Food Workshop

How Burger & Lobster hacked shellfish supply and demand

Behind the fast-expanding Burger & Lobster dining chain is a slick operation that appears to have nailed the tricky business of lobster logistics.

20 Feb 2016

Originally conceived by restaurateur George Bukhov as a low-key experiment from the London-based Goodman group back in 2011, Burger & Lobster has since surpassed all expectations. Although it wasn’t without some concern in the early stages; the founders initially worried that this foray into casual dining would dent Goodman’s high-end reputation.

That’s long been forgotten with queues still snaking around the block as Burger & Lobster continues to open new sites at a rapid rate. Its ninth London outlet opened last year in addition to three further locations in the UK, one in Stockholm and one in Kuwait. It has also launched – with some chutzpah – in New York, succeeding in selling the surf-and-turf concept back to the country that conceived it.

The idea is a simple one: a menu that pairs preposterously luxurious burgers with accessibly priced lobsters. With just three options to choose from (burger, lobster or lobster roll), the restaurant only needs to buy a limited range of ingredients, which results in almost zero food wastage.

Yet while importing high-grade beef from Nebraska has been easy, bringing in huge volumes of live lobsters from Canada has called on a complex logistical operation. So how exactly do you bring tonnes of the clawed creatures to the table?

 ‘The best lobsters are live lobsters’

‘You don’t spend long looking at the business model of selling lobsters at scale before it becomes painfully apparent that you need to invest in a massive tank,’ says Bukhov on his decision to create his own enormous lobster storage tank by Heathrow Airport. ‘We spent a lot of time looking at tanks and tank technology in Boston and across Canada, having to learn everything very quickly. We took the decision early that we were in this for the long term and decided to build our own custom-designed tank at Heathrow, capable of supporting 15 restaurants.’

According to Bukhov, the tank is the most complex part of the business. ‘We’re overseeing a complicated biological system where we have to recreate the ocean and constantly have to manage saltiness, temperatures, pH levels and other variables,’ he says. ‘I won’t say how much it costs us but it’s significantly more than we envisaged – even a simple display tank costs over £25,000.’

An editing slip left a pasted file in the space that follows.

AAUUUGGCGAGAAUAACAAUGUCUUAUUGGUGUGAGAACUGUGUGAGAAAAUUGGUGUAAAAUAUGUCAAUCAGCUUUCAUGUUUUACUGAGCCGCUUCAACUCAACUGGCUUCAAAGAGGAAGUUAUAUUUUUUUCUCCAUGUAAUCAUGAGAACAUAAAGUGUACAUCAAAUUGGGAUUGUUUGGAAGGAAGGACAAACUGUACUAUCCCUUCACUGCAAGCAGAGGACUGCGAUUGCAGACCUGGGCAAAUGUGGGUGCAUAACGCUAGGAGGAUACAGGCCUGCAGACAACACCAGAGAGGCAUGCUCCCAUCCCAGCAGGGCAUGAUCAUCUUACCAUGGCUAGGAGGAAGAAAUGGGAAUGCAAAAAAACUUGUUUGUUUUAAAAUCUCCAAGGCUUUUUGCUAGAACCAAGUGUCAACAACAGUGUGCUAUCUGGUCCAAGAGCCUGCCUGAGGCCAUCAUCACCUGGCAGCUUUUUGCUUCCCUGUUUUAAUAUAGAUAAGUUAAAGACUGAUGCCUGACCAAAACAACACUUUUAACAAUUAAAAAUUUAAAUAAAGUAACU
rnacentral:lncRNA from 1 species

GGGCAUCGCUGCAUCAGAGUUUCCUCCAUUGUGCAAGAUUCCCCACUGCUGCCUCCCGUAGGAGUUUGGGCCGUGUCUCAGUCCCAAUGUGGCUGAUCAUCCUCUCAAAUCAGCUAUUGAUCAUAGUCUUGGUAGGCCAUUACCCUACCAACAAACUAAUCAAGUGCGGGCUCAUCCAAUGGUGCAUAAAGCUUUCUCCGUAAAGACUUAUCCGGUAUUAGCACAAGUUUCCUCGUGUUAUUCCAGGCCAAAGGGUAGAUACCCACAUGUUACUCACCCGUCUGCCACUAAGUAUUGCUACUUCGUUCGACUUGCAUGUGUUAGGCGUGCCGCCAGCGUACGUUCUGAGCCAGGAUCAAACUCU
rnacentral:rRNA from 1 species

The tank at Heathrow can store 35 tonnes of lobster but with it rarely full, there’s still some capacity. ‘We’re at 20,000 lobsters per week at the moment,’ says Bukhov. ‘We’re not at the stage when we have to upgrade the tank quite yet but we never imagined we would get to this stage so fast.’

Trading in live lobsters

Although the Burger & Lobster name suggests equal billing for two dishes, it’s the shellfish that are undoubtedly the stars of the show, overwhelmingly what most customers order.

Presenting lobsters, which are traditionally a byword for high luxury, in a casual context and priced as an alternative to a big night out at Nando’s has propelled the business. Both a lobster roll and a standard lobster will set you back £20, served with chips and salad.

Asked about the sustainability impact of importing lobsters on this scale, Bukhov insists lobster populations were growing for decades despite the prices and cites various studies as proof that concerns of over-fishing of lobsters are ill-founded. In fact, he says, the availability of lobster was part of the appeal when setting up the business.

However, prices have shot up by around 45 per cent in the past two years, blamed on the surge in demand from an increasingly affluent Chinese middle class. Bukhov warns he will be increasing prices in line with what he says are the higher costs he pays to his Canadian suppliers.






This story is taken from Courier Feb/Mar 2016.